TOKYO -- A huge display is mounted on a wall. A number of other displays hang from the ceiling. Two robotic machines squat on the floor. OLED lights bathe the entire room in soft illumination.
If it were not for the surgeon, scalpel in hand, you might think it was an amusement park attraction or a state-of-the-art movie theater.
It is the latest prototype of the surgical care unit of the future, the Smart Cyber Operating Theater, or SCOT.
The public got a chance to see SCOT on June 16 at Tokyo Women's Medical University.
Developed by the Japan Agency for Medical Research and Development in collaboration with Tokyo Women's Medical University and Hiroshima University, SCOT is a smart, networked, surgical theater. It is meant to be a complete package, equipped with the medical instruments to provide all of the features and play all the roles required in the operating room.
The networking and integration depend on something called the OPeLiNK system.
The objective behind SCOT is to improve the precision and safety of surgery by collecting and integrating all sorts of information, including basic data from medical instruments, intraoperative images captured during surgery, positional data from the surgical tools, and biological information from the patient.
Immediate access to all this information provides the means to keep track of both the course of a surgery and the status of the patient, to direct or navigate the surgery, and to monitor the working status of the equipment.
In addition, all this information can be stored in a database and used later for correlative analysis if things go wrong.
The so-called Hyper SCOT prototype at Tokyo Women's Medical University is an example of what the system's developers are pursuing as their ultimate goal: a networked system that not only collects and visualizes information, or input, but also supports operations, the output, with the help of robotics.
The plan is to finish testing by March 2019, then put Hyper SCOT into use that summer.
Hyper SCOT is expected to be first used in neurosurgery procedures, such as removing malignant brain tumors.
Rich in metadata
A Hyper SCOT unit integrates around 20 kinds of equipment, including approved medical instruments and nonmedical equipment like information devices.
An apparatus dubbed the Surgical Strategy Desk integrates and displays the data fed from all the information devices on a large wall monitor.
Capable of integrating data from different makes of equipment, this apparatus shows and records the state of use of a variety of devices in a temporally synchronized format. The surgical team can look at the wall display to view information from the neurological function monitor, the rapid diagnosis flow cytometer, various biological information monitors, a video feed of the operative field, intraoperative MRI imaging, the electrocautery scalpel and a robotic machine called a surgeon's cockpit.
Visualizing all of the various surgical processes this way "is like taking a dictionary with you to a foreign-language exam," said project leader Yoshihiro Muragaki of the Tokyo Women's Medical University Institute of Advanced Biomedical Engineering and Science.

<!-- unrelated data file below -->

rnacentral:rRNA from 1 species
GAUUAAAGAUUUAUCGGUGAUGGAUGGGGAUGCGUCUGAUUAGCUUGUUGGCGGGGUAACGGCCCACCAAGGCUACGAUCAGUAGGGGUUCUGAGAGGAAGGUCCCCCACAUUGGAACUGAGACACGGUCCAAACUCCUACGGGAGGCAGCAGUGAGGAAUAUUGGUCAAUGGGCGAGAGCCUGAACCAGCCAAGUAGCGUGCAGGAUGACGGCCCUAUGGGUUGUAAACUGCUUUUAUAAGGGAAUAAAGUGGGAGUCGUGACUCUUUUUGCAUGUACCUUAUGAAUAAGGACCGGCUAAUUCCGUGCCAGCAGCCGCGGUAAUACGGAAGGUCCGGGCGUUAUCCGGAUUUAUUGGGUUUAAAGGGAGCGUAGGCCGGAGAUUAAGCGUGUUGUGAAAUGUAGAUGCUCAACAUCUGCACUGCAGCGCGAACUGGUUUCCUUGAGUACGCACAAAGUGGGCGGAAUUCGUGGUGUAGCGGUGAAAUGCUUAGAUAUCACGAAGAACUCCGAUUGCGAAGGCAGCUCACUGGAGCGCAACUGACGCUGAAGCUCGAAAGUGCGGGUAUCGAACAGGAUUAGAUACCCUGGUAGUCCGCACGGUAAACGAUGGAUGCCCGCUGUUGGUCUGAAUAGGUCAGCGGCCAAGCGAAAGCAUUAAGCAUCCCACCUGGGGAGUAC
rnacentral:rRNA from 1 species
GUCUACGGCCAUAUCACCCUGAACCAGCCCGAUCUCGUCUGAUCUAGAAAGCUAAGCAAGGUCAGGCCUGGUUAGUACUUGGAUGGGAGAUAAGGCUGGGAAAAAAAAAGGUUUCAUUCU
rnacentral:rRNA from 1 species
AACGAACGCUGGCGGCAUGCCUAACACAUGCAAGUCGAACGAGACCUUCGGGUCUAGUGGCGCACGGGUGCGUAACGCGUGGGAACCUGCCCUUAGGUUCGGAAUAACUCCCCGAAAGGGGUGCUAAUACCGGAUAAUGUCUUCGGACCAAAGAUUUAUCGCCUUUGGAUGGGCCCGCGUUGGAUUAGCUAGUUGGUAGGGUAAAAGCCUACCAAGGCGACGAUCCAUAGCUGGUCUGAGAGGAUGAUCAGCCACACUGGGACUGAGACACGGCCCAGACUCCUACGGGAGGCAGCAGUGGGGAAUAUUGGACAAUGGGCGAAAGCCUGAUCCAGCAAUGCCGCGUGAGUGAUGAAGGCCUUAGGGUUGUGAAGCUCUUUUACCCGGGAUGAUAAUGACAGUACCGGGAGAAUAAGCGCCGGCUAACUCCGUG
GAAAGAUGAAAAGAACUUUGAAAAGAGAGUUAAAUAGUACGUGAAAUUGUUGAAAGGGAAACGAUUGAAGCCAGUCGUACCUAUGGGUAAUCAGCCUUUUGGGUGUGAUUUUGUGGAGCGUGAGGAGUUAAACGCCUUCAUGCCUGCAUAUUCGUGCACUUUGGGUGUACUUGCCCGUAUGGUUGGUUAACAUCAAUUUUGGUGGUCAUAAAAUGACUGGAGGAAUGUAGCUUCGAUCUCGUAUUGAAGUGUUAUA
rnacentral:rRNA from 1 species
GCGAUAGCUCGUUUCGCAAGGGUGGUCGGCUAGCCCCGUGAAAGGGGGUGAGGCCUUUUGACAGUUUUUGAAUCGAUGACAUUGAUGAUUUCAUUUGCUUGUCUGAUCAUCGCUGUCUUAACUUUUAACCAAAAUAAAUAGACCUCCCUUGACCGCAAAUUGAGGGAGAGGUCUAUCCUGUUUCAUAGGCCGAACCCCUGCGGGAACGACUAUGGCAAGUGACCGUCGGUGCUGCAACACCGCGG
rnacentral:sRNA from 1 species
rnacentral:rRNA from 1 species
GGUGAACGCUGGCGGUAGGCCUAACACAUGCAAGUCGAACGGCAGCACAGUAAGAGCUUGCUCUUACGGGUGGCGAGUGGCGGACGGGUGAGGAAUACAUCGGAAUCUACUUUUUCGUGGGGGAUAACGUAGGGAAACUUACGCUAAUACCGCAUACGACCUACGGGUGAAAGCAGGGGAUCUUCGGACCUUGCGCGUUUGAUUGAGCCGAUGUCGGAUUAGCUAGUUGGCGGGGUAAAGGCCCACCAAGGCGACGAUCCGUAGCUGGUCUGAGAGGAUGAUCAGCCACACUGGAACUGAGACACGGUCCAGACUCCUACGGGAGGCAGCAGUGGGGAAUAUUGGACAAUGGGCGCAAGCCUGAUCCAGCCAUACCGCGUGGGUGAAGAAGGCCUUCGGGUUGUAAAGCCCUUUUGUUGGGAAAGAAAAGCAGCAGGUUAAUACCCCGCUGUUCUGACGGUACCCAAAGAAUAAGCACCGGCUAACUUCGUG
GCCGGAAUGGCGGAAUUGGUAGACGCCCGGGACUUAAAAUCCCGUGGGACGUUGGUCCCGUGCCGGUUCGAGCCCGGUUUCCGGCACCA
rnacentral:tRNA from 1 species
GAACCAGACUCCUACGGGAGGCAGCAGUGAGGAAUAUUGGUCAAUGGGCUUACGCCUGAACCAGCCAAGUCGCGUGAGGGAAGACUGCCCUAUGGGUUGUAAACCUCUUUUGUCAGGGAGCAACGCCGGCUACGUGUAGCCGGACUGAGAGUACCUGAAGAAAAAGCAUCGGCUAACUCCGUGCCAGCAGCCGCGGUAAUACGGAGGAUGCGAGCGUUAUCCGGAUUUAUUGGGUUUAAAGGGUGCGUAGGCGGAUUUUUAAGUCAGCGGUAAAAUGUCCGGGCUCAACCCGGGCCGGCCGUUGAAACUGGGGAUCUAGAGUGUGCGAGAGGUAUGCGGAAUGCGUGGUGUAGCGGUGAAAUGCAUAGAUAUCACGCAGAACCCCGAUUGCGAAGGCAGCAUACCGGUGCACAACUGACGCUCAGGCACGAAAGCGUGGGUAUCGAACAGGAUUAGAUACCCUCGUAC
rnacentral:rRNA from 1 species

In a Hyper SCOT unit, biopsies of tumor masses can be quickly profiled for malignancy using the flow cytometer, and the results superimposed on the MRI images in the form of numerical data. The surgeon can also view information about myopotentials, the electric signals generated by skeletal muscles, to assess the risk of paralysis and other post-surgery effects. The surgeon can take in all the information in deciding which tumors to excise and to what extent.
By also displaying the path of the electrocautery scalpel, "the surgeon can get feedback in real time, rather than waiting until afterward to reflect on how things went," Muragaki said.
All this data is linked to positional information and temporal information for both displaying and saving. The entire surgical process is saved as data synchronized to positional and temporal information. This kind of metadata makes the recordings far more valuable than a simple video of a surgery.
Robots lend hand
Two robots share Hyper SCOT's floor.
The first, mentioned above, is a kind of surgeon's cockpit that supports the arms and wrists so the hands are steadier and the arms tire less readily.
Based on the intelligent arm-support robot iArmS, developed by project collaborator Denso, this cockpit supports both arms and can be used by a surgeon who is either standing or sitting.
This table can automatically ferry a patient into the gantry of an MRI machine and then back to the original position after imaging is completed.
These two robots lend support to a main Hyper SCOT feature, which is that "the diseased part is always positioned in the center of the room," Muragaki said.
This way, the surgeon's actions are always centered.
The Hyper SCOT unit is illuminated by organic light-emitting diodes that can also be used as a tool to, say, convey information to the surgeon about risks. This can be done with flashes of certain colors.
In addition, Hyper SCOTs are to be linked to a separate Surgical Strategy Desk elsewhere in a hospital for real-time information sharing.
An experienced surgeon could sit at this apparatus and use it like a control tower to monitor the surgery. In addition to the real-time feed from the surgical room, this guide will be able to access video replays of any part of the procedure.
In the future, the Hyper SCOT prototype will be connected to new kinds of medical instrumentation. One example is a device for focused ultrasound therapy, a minimally invasive cancer treatment.
Some of the new medical instruments will be developed as part of projects undertaken by the Japan Agency for Medical Research and Development. "We want to connect SCOT to new therapeutic techniques that have been developed here in Japan," Muragaki said.
The goal, he said, is to make surgical care an export industry.